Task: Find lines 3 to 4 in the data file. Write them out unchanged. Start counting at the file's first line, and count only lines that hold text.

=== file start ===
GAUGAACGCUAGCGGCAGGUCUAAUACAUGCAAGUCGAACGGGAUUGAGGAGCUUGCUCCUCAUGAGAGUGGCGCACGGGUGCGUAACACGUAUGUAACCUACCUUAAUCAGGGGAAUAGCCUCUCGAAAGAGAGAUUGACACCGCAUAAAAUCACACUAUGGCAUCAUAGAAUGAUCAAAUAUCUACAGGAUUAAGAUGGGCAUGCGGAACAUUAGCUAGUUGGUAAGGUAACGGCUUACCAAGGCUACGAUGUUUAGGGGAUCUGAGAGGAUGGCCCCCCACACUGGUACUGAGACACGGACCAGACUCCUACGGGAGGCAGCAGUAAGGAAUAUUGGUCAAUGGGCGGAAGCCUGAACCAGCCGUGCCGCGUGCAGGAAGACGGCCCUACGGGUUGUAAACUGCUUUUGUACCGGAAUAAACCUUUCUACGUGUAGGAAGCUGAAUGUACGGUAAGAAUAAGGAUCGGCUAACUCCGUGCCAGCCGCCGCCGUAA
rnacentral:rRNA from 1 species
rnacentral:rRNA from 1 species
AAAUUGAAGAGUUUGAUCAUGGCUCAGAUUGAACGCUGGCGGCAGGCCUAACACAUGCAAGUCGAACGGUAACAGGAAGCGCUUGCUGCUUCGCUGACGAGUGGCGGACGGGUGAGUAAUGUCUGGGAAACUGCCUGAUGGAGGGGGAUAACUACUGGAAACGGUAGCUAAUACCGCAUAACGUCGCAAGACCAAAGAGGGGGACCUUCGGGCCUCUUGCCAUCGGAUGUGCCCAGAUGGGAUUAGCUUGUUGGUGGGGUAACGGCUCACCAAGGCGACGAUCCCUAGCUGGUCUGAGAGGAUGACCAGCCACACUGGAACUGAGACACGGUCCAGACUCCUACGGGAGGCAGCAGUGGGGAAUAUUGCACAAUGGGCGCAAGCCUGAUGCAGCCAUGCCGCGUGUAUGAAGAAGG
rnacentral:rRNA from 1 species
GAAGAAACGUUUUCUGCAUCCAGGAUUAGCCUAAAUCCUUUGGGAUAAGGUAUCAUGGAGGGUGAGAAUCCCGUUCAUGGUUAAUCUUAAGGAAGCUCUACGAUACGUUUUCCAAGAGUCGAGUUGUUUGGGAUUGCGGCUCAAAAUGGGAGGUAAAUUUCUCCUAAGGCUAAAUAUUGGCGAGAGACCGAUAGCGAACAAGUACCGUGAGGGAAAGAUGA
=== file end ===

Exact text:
rnacentral:rRNA from 1 species
AAAUUGAAGAGUUUGAUCAUGGCUCAGAUUGAACGCUGGCGGCAGGCCUAACACAUGCAAGUCGAACGGUAACAGGAAGCGCUUGCUGCUUCGCUGACGAGUGGCGGACGGGUGAGUAAUGUCUGGGAAACUGCCUGAUGGAGGGGGAUAACUACUGGAAACGGUAGCUAAUACCGCAUAACGUCGCAAGACCAAAGAGGGGGACCUUCGGGCCUCUUGCCAUCGGAUGUGCCCAGAUGGGAUUAGCUUGUUGGUGGGGUAACGGCUCACCAAGGCGACGAUCCCUAGCUGGUCUGAGAGGAUGACCAGCCACACUGGAACUGAGACACGGUCCAGACUCCUACGGGAGGCAGCAGUGGGGAAUAUUGCACAAUGGGCGCAAGCCUGAUGCAGCCAUGCCGCGUGUAUGAAGAAGG